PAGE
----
Drunk driving is illegal in Colorado, as it impairs the decision-making process. According to a post by Mothers Against Drunk Driving (MADD), over 300,000 Americans drive drunk daily. While Colorado has been ranked among the top 20 states with strict DUI laws, 27,000 people were arrested for DUIs in 2016. This is a substantial number, especially because only 1 percent of drunk drivers are arrested.
If you want to protect yourself from getting DUI, the only way is to drink responsibly and avoid driving yourself while intoxicated. However, if you happen to make the mistake of driving while under the influence, there are some penalties.
In Colorado, a first-time DUI is considered a misdemeanor offense. However, the penalties for DUI will depend on blood alcohol content (BAC). The penalties for a first-time DUI include:
You’ll be charged for DUI if you have a BAC of 0.08 percent or higher. Even if it’s your first DUI, if you have a BAC of higher than 0.015 percent, you can be classified as a persistent drunk driver (PDD), and you’ll be charged as a repeat-DUI offender. Additionally, you can still be charged for driving while ability impaired or DWAI if you have a BAC lower than 0.08 percent but higher than 0.05 percent.
If you have previously been charged for DUI, you are aware that you’ll face some penalties. However, the penalties for a second-DUI will tend to be higher than the first-time DUI penalties you faced. There are also some significant differences between first-time DUI penalties and second-time DUI penalties. Keep in mind that the 2nd DUI offense will carry mandatory jail time.
While jail time after a first-time DUI is often waived, a second DUI jail time is mandatory. You may have to spend at least ten days in the county jail. Additionally, if in the second DUI or DWAI offense you’re found to have a BAC of 0.08 percent or higher, you will be charged with a DUI per se criminal offense.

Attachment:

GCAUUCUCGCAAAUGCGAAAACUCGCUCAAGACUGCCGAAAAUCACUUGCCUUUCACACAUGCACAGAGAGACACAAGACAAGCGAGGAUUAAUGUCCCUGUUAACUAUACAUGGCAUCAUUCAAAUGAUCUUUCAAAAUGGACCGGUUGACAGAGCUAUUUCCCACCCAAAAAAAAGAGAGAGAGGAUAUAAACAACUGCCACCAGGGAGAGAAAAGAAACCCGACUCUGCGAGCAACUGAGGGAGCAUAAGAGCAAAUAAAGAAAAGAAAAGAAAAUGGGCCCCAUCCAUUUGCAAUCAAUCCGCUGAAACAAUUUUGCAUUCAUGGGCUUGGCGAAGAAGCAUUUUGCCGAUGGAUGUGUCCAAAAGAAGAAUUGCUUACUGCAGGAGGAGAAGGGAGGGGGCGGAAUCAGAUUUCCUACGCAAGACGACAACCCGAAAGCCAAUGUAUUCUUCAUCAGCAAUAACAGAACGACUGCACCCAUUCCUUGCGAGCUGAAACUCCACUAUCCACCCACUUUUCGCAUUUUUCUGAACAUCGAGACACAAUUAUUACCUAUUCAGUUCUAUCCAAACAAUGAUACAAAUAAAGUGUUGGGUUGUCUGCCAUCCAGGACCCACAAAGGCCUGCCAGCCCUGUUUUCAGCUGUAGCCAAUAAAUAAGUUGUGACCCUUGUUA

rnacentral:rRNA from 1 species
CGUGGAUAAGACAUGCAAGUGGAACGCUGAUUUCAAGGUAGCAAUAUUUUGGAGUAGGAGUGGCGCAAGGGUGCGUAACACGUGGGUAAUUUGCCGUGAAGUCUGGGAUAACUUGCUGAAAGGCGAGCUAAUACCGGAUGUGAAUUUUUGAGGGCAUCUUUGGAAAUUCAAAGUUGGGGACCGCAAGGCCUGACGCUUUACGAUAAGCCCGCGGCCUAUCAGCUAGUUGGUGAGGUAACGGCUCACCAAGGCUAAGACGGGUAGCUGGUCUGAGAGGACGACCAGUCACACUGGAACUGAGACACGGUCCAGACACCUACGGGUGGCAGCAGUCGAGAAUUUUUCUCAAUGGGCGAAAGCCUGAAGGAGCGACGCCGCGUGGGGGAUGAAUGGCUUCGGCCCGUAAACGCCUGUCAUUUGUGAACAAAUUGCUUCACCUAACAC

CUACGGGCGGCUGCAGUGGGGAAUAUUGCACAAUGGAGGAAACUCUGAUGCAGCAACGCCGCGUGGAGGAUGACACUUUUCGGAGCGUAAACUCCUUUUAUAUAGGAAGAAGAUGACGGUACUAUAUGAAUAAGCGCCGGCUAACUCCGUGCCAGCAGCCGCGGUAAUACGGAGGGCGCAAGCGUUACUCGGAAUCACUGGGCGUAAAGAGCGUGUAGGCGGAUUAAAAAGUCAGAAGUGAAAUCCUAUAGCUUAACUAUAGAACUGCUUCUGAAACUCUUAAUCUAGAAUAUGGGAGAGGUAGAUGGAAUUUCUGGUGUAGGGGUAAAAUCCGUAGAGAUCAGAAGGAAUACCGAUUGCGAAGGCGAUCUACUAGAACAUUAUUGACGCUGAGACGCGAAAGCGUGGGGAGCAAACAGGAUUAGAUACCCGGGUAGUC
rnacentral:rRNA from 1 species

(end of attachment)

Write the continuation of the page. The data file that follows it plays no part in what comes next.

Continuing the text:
Whether you’re under the influence of alcohol, drugs, or a combination of both, the penalties for a second DUI are similar. Remember, while recreational marijuana may be legal in Colorado, it doesn’t mean it’s legal to drive while under the influence. Therefore, you cannot use your marijuana card as a defense for DUI. If a chemical test shows that you have five or more nanograms of 9-tetrahydrocannabinol (THC), it is presumed that your judgment is impaired.
In Colorado, it’s a misdemeanor offense to drive under the influence of alcohol or drugs. A 3rd DUI conviction carries harsher penalties than 1st or 2nd DUI penalties. Some of the penalties include:
After a 3rd DUI conviction, your license will be administratively revoked by the DMV. The only way to prevent the automatic loss of your license is to request a DMV hearing within seven days after you’re arrested. The law enforcement will provide you with a temporary license when you’re arrested, and it’s only valid for seven days. After the seven days, you won’t be allowed to drive a car until your license is reinstated.
If you’re arrested again after your 3rd DUI for driving under the influence, you will be classified as a PDD. After you’re convicted, there are additional requirements that you have to fulfill before your license can be reinstated, including:
Drunk driving is a serious offense in Colorado, and the penalties can cause serious disruptions to your life. Therefore, if you have been charged with DUI, it’s important that you have a Denver criminal defense lawyer from the Law Offices of Steven J. Pisani in your corner to protect your rights and guide you through the process.